Staff Picks: Zo's Top 5 Albums of 2017 So Far
Staff Picks: Zo's Top 5 Albums of 2017 So Far

Staff Picks: Zo's Top 5 Albums of 2017 So Far

Lenny Kravitz, Grace Jones, Lauryn Hill, Lion Babe, Thundercat, SZA & More Rock The Afropunk Festival 2015 in Brooklyn, NY.

Michael "ZO" Gonik, Music Editor

By no means are these the only albums worthy of your ear in 2017. I've lapped DAMN.Drunk, and Process more times than I feel comfortable disclosing publically. And CTRL really is the first post-blond(e)d release in the ever-expanding left (though Frank's own 2017 output has been consistent and fucking stellar.) But I'd be failing if you if this mid-year check-in wasn't devoted to shining some light on projects that stack up to those from all of the marquee names, but may have got lost in the glow. The ones that didn't get the big-budget PR blitz or the star-studded mixed-media campaign.

It could be the case that six months from now this list shifts drastically, that it's virtually unrecognizable in light of what the second half of the year holds. Worse, that 2017 proved to be as front-heavy as the burnt-custard-in-chief. But 2018 is one step closer to 2020, and I'm voting West. These are the five albums that bring me back from the Kung Fu Kenny binges and Thundercat short-circuits. The ones that help the year go down just a little smoother. 

Matt Martians

1. Matt Martians - Drum Chord Theory 

I’d always suspected that most of the elements comprising The Internet that were particularly era-marking -- tones, chords, shamelessly loose vocals -- stemmed from the Jet Age of Tomorrow producer and Odd Future co-founder. As the band's sound surfaced to the forefront of r&b, conjecture flipped to concrete fact. And when the band revealed that its core members would release solo projects throughout 2017, I was mostly expecting a Jet Age of Tomorrow part deux of sorts. Drum Chord Theory, however, is precisely not a sequel to any of Matt Martians' former voyages or monikers. Instead of filling in the gaps with Jet Age loosies or Odd Future outtakes, Martians builds his own little lovelorn world on a bedrock of warm jazzy chords, unrequited lust and a shit-ton of hallucinogens. And it’s a damn-good trip.


Staff Picks: Zo's Top 5 Albums of 2017 So Far

2. Jonwayne - Rap Album Two

Even with an imminent record from the pride of Marcy on the horizon, the year's plaque for "Most Thoughtful Comeback" belongs to Jonwayne. After spending a few years in seclusion working on himself, the dynamic rapper and producer returned with a big, tranquil body of work that's as much his own personal catharsis as a step-by-step in how he got his shit together. The vulnerability, transparency and enveloping ambience of Rap Album Two feels like a safe space realized both for the artist and his audience, one where he can shed the weight of bad habits and reclaim his narrative without ever taking to the pulpit.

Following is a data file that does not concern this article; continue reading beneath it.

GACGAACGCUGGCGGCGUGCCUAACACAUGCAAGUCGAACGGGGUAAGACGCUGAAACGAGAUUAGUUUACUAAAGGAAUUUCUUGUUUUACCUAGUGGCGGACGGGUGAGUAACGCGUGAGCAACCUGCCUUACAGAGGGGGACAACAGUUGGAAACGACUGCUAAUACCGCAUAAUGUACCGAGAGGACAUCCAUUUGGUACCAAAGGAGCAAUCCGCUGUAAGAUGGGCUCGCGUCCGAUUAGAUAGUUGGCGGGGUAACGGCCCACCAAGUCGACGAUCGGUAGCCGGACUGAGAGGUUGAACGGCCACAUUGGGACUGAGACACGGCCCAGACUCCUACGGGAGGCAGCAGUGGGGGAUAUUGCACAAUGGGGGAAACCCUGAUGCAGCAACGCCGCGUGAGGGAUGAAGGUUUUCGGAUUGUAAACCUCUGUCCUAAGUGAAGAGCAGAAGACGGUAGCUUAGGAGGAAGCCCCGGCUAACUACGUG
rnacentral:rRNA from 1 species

Lenny Kravitz, Grace Jones, Lauryn Hill, Lion Babe, Thundercat, SZA & More Rock The Afropunk Festival 2015 in Brooklyn, NY.

3. Smino - blkswn

The St. Louis stunner blends well with his Windy City crew, comprising mostly notable Chicago rappers, producers and vocalists like Phoelix, Saba, NoName and, of course, Chance The Rapper. But with his debut, Smino earns more than a spot amongst a growing elite of astute line-smudgers. Between the intoxicating turn-up anthem “Edgar Allen Poe’d Up,” the late-night special “Netflix & Dusse” and perhaps the album’s gushiest treat “Anita,” there’s virtually no moment between you and the subject of your affections that isn’t scored on blkswn. It’s red-eyed r&b and full-melt lyricism with deceptive depth, musically and emotionally. Pairs well with potent weed, brown liquor and any hour after midnight. Oh, and the second half of "Amphetamine" is basically the completion of NoName's "Shadow Man" sequence with just a bit more of that southern slur.


Stream Nick Hakim's Striking Debut Album 'Green Twins'

4. Nick Hakim - Green Twins

Deep in the brush of Brooklyn, Nick Hakim honed his haunt and found his soul was best served chilled and shook, never stirred. On his debut album, Hakim finds his beacon and funnels a deep love of soul and the avant-garde into a lush piece, caked with reverb, washed-out six-strings and moody melodies. It's an eternal summer record, tailor-made for rooftop libations, clinking red cups and passing a proper blessing to the left as the sun falls. With Green Twins, Hakim's growth -- as an arranger, as a careful dreamweaver -- is on full display. The debut is mature beyond measure and shatteringly capable of pulling on heart strings you didn't know had frayed.


5. Kingdom - Tears in The Club

Let it be known that well before SZA or Syd turned in their albums, Kingdom brought them to the floor on his own cold, dark and twisted debut. With a pair of features from TDE’s First Lady and Odd Future’s most delicate voice gracing “Nothing,” Tears in The Club builds out from the star power, filling the spaces between with icy trap and house experiments meant for all dance floor configurations, whether mobbed-out or sticking to a corner all by your blissfully drunken self.


Honorable Mentions:

Vince Staples - Big Fish Theory

Gabriel Garzon-Montanó - Jardin

Mike Edge (Self-titled)

Jarami - Sketches

PJ Morton - Gumbo 

Carl Craig - Versus 

Dirty Projectors (Self-titled)

Pond - The Weather 

Sango - De Mim, Pra Voce

Freddie Gibbs - You Only Live 2wice

Karriem Riggins - Headnod Suite

DJ Harrison - HazyMoods

Steve Lacy - Steve Lacy's Demo